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Quote of the day: Their sky is obscured by continual rain
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Germania by Tacitus
Translated by Alfred John Church and William Jackson Brodribb
Chapter 6: The army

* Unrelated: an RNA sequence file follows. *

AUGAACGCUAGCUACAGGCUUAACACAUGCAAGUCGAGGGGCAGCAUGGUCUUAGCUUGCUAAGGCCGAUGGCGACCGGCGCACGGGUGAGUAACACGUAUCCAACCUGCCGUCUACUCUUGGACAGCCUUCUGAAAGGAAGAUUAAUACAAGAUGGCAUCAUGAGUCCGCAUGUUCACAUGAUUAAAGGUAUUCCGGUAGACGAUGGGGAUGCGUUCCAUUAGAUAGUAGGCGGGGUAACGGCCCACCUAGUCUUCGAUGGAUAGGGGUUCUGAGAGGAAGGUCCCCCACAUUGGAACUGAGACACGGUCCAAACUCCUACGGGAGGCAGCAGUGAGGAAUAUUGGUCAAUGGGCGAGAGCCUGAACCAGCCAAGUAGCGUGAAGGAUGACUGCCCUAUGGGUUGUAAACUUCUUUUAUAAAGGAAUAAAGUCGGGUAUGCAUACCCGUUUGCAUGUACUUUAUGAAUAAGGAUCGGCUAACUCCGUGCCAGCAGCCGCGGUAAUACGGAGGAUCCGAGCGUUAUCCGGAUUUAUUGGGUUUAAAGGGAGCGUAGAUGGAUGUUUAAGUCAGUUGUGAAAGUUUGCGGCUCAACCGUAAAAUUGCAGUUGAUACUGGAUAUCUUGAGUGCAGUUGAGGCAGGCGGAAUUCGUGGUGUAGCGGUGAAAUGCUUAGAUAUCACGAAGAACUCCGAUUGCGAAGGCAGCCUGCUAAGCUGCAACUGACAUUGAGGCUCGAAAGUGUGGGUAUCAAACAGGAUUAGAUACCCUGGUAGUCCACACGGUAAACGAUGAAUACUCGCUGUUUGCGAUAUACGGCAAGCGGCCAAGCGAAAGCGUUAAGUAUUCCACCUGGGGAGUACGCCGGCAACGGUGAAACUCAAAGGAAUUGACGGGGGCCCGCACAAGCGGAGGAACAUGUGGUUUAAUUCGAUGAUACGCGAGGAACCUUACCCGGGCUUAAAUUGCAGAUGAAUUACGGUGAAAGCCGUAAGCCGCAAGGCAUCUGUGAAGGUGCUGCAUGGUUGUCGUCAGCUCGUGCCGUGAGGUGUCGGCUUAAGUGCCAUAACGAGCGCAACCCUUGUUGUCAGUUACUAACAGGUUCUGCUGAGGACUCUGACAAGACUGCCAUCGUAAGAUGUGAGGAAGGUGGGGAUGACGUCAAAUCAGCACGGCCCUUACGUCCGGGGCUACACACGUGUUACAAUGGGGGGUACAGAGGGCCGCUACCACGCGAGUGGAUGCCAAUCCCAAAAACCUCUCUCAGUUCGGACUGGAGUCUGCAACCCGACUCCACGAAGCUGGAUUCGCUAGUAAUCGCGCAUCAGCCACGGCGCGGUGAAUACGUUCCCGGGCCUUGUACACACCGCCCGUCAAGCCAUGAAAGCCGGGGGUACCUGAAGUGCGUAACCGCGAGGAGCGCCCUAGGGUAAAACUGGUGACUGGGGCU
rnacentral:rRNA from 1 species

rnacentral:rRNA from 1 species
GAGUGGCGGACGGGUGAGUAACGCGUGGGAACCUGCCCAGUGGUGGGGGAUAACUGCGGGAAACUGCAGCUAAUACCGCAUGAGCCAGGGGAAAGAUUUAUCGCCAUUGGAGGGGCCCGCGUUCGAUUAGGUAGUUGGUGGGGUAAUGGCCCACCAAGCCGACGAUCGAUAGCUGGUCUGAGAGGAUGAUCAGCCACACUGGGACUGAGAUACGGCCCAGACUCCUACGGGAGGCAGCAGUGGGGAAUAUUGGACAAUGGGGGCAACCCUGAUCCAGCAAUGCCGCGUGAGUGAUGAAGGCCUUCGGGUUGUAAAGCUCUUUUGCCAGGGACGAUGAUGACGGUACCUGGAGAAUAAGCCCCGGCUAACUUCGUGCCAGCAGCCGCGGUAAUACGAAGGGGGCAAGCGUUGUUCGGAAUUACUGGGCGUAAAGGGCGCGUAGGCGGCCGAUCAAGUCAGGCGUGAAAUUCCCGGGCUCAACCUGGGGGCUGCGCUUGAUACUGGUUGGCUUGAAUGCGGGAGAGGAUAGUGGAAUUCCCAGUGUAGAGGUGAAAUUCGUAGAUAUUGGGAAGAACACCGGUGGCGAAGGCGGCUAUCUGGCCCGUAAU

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Neither in truth do they abound in iron, as from the fashion of their weapons may be gathered. Swords they rarely use, or the larger spear. They carry javelins or, in their own language, framms, pointed with a piece of iron short and narrow, but so sharp and manageable, that with the same weapon they can fight at a distance or hand to hand, just as need requires. Nay, the horsemen also are content with a shield and a javelin. The foot throw likewise weapons missive, each particular is armed with many, and hurls them a mighty space, all naked or only wearing a light cassock. In their equipment they show no ostentation; only that their shields are diversified and adorned with curious colours. With coats of mail very few are furnished, and hardly upon any is seen a head-piece or helmet. Their horses are nowise signal either in fashion or in fleetness; nor taught to wheel and bound, according to the practice of the Romans: they only move them forward in a line, or turn them right about, with such compactness and equality that no one is ever behind the rest. To one who considers the whole it is manifest, that in their foot their principal strength lies, and therefore they fight intermixed with the horse: for such is their swiftness as to match and suit with the motions and engagements of the cavalry. So that the infantry are elected from amongst the most robust of their youth, and placed in front of the army. The number to be sent is also ascertained, out of every village an hundred, and by this very name they continue to be called at home, those of the hundred band: thus what was at first no more than a number, becomes thenceforth a title and distinction of honour. In arraying their army, they divide the whole into distinct battalions formed sharp in front. To recoil in battle, provided you return again to the attack, passes with them rather for policy than fear. Even when the combat is no more than doubtful, they bear away the bodies of their slain. The most glaring disgrace that can befall them, is to have quitted their shield; nor to one branded with such ignominy is it lawful to join in their sacrifices, or to enter into their assemblies; and many who have escaped in the day of battle, have hanged themselves to put an end to this their infamy.